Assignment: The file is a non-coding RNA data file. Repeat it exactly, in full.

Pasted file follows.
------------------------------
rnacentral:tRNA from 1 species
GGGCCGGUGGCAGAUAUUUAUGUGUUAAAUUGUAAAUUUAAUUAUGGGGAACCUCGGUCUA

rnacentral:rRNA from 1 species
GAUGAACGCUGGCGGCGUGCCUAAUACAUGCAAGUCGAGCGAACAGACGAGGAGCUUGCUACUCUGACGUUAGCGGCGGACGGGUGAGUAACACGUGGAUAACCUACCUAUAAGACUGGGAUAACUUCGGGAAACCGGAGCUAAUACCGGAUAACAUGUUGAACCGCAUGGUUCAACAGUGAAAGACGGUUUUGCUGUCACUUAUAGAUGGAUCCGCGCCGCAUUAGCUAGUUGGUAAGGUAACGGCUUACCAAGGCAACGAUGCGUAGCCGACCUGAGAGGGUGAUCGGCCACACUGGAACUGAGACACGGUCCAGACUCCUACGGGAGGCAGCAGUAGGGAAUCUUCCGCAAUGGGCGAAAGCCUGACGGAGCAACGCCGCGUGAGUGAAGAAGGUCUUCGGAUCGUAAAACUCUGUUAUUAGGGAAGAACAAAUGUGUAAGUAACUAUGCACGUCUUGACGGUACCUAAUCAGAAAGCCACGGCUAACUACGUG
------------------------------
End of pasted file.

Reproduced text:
rnacentral:tRNA from 1 species
GGGCCGGUGGCAGAUAUUUAUGUGUUAAAUUGUAAAUUUAAUUAUGGGGAACCUCGGUCUA

rnacentral:rRNA from 1 species
GAUGAACGCUGGCGGCGUGCCUAAUACAUGCAAGUCGAGCGAACAGACGAGGAGCUUGCUACUCUGACGUUAGCGGCGGACGGGUGAGUAACACGUGGAUAACCUACCUAUAAGACUGGGAUAACUUCGGGAAACCGGAGCUAAUACCGGAUAACAUGUUGAACCGCAUGGUUCAACAGUGAAAGACGGUUUUGCUGUCACUUAUAGAUGGAUCCGCGCCGCAUUAGCUAGUUGGUAAGGUAACGGCUUACCAAGGCAACGAUGCGUAGCCGACCUGAGAGGGUGAUCGGCCACACUGGAACUGAGACACGGUCCAGACUCCUACGGGAGGCAGCAGUAGGGAAUCUUCCGCAAUGGGCGAAAGCCUGACGGAGCAACGCCGCGUGAGUGAAGAAGGUCUUCGGAUCGUAAAACUCUGUUAUUAGGGAAGAACAAAUGUGUAAGUAACUAUGCACGUCUUGACGGUACCUAAUCAGAAAGCCACGGCUAACUACGUG